City of Amsterdam Mayor Michael Cinquanti released his proposed budget for the 2021-2022 fiscal year yesterday. The budget calls for a 0.18% increase in the property tax rate, along with an overall 5.64% increase in user fees. However, city officials said yesterday they are prepared to make additional changes based on recommendations from the New York State Comptroller’s office.
At Tuesday’s common council meeting, Mayor Michael Cinquanti said that the comptroller’s office has reviewed the budget and has compiled a letter for the city.
At the meeting, Controller Matt Agresta said, “[The comptroller’s office] didn’t have the letter drafted when we spoke last week. But from everything I understand, they’re really not changing anything from what we discussed. But the formal letter, we’re going to go through tomorrow to make sure we don’t have issues, they don’t have issues, before it gets presented to everybody.”
Cinquanti wrote in his budget message:
Having the New York State Comptroller’s office examine our budgets and our quarterly performance has proved to be a huge benefit to our city. They serve as a highly skilled and independent budget committee, pointing out budgeting errors and inaccurate assumptions our city has been making and helping us correct them as we move forward. They’ve been stressing the importance of keeping a close and consistent eye on actual expenses and revenues on a quarterly basis. Their guidance and oversight has helped me as mayor and our city controller do a better job managing our city. During the next few months, they will help us with the effort of establishing a long-term financial plan for our city.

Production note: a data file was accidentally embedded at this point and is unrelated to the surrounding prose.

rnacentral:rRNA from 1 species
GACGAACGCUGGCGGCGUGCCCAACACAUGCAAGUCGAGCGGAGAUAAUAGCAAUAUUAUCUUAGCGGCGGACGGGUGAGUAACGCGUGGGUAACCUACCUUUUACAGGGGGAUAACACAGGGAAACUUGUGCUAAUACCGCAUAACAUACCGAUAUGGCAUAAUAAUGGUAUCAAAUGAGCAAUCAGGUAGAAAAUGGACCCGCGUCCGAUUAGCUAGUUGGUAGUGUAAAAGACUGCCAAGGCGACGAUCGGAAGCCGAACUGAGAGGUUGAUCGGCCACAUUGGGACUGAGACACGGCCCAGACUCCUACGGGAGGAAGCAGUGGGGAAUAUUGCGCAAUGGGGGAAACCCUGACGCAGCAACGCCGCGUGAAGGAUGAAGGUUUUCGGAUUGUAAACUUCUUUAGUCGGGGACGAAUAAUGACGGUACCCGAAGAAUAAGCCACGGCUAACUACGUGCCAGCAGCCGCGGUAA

The proposed property tax increase from $18.10 to $18.13 per $1000 assessed value, would mean only a $2 per year increase on a home assessed at $80,000.
Proposed increases to yearly per-unit user fees are:
Current Proposed Water 423.28 424.38 Sewer 310.12 341.67 Sanitation 280.10 305.29 Total 1014.11 1071.34
Some of the highlights in Cinquanti’s budget message include:
- The city will receive $975,000 in “COVID aid” for the current fiscal year and the next.
- Sales tax revenues did not drop as much as anticipated during the current fiscal year, so anticipated sales tax revenues for the next year have been raised to pre-pandemic levels
- The city will repay $1.6 million of the $7.7 million borrowed for deficit financing in the coming year, and refinance the remaining balance.
- Landfill fees charged by Montgomery County are anticipated to be $760,000 in the proposed budget, up from $600,000 budgeted in the current fiscal year, and $520,000 budgeted in the previous fiscal year.
Common council members agreed to begin reviewing the budget next week, but have not yet released a schedule.